Youngsters gather across region to mark Armistice Day
- Credit: Ian Burt
Young people were out in force at services to mark Armistice Day across the region.
They joined veterans and members of the public at commemorations and held their own school events.
At Dereham, pupils from Dereham Church Infant and Nursery School laid wreaths at the town's war memorial.
President of the Dereham branch of the Royal British Legion, Dennis O'Callaghan, said: 'It's great to see so many people here and it's particularly good to see younger people turning out to pay their respects.
'The children were excellent and very well behaved and it's really good to see them involved.
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'It's important for them to take part and to help ensure these events can continue long into the future.'
Children, staff and families from the partner schools of Anthony Curton Primary, Walpole St Peter, and Tilney All Saints Primary, held simultaneous services to remember and honour those who died, or whose lives were devastated.
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Children from Anthony Curton read prayers and poems and laid three wreaths, made by the children, at the memorial in the churchyard of Walpole St Peter Church.
Anne Senior, head of both schools, said: 'It is extremely important that our young children understand the impact that war has on the lives of everyone – not only the soldiers who see action.
'We are so proud at the genuine empathy our children displayed, and the respect they demonstrated.'
In Lowestoft, a service was held on Royal Plain, and a ceremony was held at Southwold's war memorial at Bartholomew's Green, where veterans and children laid small wooden crosses as tribute to the fallen.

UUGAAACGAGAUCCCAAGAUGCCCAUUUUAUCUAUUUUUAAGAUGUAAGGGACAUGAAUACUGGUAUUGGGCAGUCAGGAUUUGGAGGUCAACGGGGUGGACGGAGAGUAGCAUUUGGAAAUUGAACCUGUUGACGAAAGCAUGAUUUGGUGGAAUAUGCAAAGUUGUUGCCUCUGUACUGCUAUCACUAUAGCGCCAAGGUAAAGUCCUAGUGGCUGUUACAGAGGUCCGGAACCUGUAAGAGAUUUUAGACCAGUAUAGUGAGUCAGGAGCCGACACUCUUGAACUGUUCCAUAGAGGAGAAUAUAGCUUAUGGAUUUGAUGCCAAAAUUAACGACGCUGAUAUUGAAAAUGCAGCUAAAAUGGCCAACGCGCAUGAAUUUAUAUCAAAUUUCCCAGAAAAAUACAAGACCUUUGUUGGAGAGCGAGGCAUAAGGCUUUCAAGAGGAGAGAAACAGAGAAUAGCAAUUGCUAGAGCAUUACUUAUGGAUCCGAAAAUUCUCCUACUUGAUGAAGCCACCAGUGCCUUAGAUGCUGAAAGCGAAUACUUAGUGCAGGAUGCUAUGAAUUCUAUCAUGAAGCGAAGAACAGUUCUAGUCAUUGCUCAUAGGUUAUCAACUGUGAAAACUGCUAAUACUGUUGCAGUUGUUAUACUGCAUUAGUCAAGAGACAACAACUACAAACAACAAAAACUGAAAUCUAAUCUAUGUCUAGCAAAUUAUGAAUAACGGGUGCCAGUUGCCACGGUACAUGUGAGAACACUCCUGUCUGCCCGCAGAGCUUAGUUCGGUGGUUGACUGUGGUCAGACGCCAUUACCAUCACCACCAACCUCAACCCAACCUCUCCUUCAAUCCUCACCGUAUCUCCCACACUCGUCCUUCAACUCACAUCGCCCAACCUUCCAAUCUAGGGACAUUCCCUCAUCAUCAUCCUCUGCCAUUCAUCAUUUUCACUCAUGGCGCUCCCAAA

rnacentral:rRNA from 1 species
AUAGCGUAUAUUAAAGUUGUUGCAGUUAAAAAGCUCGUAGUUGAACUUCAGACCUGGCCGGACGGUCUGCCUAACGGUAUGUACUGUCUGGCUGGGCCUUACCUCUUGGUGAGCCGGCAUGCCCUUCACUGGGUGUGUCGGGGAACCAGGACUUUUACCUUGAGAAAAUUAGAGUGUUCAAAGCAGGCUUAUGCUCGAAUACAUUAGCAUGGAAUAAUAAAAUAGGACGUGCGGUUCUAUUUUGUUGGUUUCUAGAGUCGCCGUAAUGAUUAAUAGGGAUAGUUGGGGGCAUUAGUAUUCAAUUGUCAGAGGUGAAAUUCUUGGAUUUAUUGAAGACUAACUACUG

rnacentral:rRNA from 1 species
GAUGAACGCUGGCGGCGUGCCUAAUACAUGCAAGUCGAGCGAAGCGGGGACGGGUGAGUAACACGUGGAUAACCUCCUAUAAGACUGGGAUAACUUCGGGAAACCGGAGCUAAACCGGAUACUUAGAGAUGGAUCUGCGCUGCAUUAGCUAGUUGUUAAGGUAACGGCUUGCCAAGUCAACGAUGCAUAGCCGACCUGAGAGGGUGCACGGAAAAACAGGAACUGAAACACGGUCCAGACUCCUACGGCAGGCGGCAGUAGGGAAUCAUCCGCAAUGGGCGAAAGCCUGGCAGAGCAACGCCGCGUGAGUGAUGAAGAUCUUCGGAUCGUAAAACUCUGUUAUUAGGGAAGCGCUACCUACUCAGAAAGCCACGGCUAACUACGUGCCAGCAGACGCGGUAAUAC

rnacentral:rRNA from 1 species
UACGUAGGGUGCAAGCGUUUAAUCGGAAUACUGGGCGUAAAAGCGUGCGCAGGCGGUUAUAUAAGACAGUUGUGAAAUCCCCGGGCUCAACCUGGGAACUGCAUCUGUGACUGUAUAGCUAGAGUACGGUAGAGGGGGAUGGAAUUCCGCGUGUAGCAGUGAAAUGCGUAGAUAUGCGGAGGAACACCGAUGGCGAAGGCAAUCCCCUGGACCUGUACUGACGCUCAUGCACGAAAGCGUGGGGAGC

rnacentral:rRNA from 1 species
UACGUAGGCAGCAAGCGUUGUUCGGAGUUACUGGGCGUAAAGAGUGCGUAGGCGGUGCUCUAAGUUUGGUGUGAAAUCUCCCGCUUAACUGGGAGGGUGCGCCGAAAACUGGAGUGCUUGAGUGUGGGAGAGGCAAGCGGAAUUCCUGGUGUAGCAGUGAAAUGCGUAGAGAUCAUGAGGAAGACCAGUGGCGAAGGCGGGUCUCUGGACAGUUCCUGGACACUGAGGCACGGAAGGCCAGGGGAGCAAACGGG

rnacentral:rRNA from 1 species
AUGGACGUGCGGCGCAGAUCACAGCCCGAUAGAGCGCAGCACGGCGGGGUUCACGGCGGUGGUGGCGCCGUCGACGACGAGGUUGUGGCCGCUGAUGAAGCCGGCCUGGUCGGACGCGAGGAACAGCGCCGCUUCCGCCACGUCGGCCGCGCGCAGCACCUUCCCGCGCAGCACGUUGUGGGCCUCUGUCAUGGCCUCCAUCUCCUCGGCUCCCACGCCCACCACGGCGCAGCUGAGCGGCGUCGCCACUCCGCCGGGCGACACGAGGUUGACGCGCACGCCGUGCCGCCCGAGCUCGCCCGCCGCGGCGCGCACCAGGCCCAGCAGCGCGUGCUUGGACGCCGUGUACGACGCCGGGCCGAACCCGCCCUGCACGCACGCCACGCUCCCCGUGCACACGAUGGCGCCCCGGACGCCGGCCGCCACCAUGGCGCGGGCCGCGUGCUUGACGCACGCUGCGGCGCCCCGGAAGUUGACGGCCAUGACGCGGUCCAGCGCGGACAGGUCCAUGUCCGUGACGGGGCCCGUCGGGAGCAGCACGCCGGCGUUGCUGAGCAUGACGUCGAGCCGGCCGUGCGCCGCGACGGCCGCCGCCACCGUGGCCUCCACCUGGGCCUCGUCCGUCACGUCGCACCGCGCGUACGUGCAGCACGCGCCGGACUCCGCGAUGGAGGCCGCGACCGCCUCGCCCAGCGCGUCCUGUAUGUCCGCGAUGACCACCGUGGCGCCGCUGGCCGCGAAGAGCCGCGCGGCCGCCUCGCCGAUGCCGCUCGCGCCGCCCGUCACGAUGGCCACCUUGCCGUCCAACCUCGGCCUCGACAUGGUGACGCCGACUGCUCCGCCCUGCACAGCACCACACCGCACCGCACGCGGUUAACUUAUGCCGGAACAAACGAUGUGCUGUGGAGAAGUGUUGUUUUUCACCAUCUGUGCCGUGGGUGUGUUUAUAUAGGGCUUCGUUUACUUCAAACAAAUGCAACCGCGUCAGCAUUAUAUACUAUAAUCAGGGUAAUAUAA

More than 100 people stood in remembrance at Thetford's Market Square Armistice Day service. A group of three and four-year-olds from Thetford's Play Days nursery were also there, and youngsters Harvey Dole, Lottie Catchpole and Emily Nibble laid a wreath along with nursery deputy manager Jodie Smith.
An Armistice Day service was held at the former RAF Coltishall memorial garden at Badersfield. Children from the former RAF school, now The Douglas Bader School, laid poppies they had made as part of a project on the Battle of Britain.
Poppies were worn with pride as people gathered to commemorate Armistice Day in Cromer.
As the last post played, standards were lowered before a two minute silence marking the moment the guns fell quiet at the end of the First World War.
Among those paying tribute was 99-year-old George Goram, who served during the Second World War.
The newly revamped memorial gardens in Downham Market were officially opened on Armistice Day.
Youngsters from Downham Market Academy carried out the project, from design and digging to planting and painting.
The gardens were officially opened by Downham Mayor Marion Ross, who said: 'It was their vision to have the gardens ready for Armistice Day, which is a fitting occasion for them to be opened.'
Students from Springwood High School in King's Lynn held their own Remembrance Day service alongside representatives from RAF Marham and the British Legion.